I have an old story to tell you—
Sit down beside me and listen.
My face is red with sorrow
and my breasts are made of straw.
I sit in the ladder—back chair
in a corner of the polished stage.
I have forgiven all the old actors for dying.
A new one comes on with the same lines,
like large white growths, in his mouth.
The dancers come on from the wings,
I look up. The ceiling is pearly.
My thighs press, knotting in their treasure.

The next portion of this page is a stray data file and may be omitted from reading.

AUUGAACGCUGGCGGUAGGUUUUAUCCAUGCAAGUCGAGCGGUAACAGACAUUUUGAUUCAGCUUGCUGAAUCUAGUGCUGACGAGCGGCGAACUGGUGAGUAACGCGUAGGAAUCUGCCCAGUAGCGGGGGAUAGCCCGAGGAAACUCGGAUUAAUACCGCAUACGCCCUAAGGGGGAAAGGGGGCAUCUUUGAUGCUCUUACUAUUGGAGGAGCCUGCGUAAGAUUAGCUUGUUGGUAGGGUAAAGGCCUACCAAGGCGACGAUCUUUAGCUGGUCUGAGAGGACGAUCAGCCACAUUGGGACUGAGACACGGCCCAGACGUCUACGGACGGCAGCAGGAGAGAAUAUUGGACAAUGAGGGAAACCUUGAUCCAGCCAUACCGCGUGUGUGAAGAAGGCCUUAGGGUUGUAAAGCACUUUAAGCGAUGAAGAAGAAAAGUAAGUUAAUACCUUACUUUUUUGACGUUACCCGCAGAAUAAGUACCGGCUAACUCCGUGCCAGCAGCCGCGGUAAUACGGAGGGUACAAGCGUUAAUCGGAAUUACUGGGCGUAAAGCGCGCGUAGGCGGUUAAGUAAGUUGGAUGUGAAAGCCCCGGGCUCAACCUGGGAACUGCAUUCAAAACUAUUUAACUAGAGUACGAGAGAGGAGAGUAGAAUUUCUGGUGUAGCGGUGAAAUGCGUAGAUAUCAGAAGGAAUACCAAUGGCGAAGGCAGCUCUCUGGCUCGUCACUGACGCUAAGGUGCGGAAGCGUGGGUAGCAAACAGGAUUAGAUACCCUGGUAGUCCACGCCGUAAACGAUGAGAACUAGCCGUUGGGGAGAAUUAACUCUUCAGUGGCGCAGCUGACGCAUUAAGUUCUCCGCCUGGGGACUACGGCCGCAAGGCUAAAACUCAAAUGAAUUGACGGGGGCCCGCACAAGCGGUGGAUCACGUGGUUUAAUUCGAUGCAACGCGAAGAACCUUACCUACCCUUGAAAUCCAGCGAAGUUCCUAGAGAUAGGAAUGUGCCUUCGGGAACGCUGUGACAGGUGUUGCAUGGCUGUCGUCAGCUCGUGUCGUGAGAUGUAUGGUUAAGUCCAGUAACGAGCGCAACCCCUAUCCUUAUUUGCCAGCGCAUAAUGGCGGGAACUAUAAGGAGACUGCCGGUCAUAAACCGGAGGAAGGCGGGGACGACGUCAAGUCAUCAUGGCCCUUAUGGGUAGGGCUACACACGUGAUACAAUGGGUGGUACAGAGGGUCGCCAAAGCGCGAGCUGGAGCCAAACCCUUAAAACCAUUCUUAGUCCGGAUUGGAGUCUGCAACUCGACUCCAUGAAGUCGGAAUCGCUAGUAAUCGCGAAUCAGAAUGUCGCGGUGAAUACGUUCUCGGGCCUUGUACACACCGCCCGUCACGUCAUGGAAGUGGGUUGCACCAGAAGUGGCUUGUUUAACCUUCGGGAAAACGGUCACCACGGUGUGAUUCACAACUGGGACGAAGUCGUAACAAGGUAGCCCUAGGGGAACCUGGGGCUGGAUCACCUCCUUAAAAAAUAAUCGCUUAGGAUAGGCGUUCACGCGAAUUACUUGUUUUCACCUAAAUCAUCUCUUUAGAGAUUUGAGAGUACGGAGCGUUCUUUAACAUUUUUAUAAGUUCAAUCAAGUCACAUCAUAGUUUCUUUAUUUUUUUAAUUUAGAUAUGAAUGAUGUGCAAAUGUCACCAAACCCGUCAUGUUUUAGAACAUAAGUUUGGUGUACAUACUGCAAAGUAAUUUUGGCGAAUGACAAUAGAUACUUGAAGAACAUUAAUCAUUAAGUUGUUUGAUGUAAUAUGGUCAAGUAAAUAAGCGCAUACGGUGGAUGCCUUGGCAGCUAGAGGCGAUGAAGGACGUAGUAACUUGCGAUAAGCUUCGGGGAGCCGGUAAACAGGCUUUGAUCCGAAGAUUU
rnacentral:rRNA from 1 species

Upstage the bride falls in satin to the floor.
Beside her the tall hero in a red wool robe
stirs the fire with his ivory cane.
The string quartet plays for itself,
gently, gently, sleeves and waxy bows.
The legs of the dancers leap and catch.
I myself have little stiff legs,
my back is as straight as a book
and how I came to this place—
the little feverish roses,
the islands of olives and radishes,
the blissful pastimes of the parlor—
I’ll never know.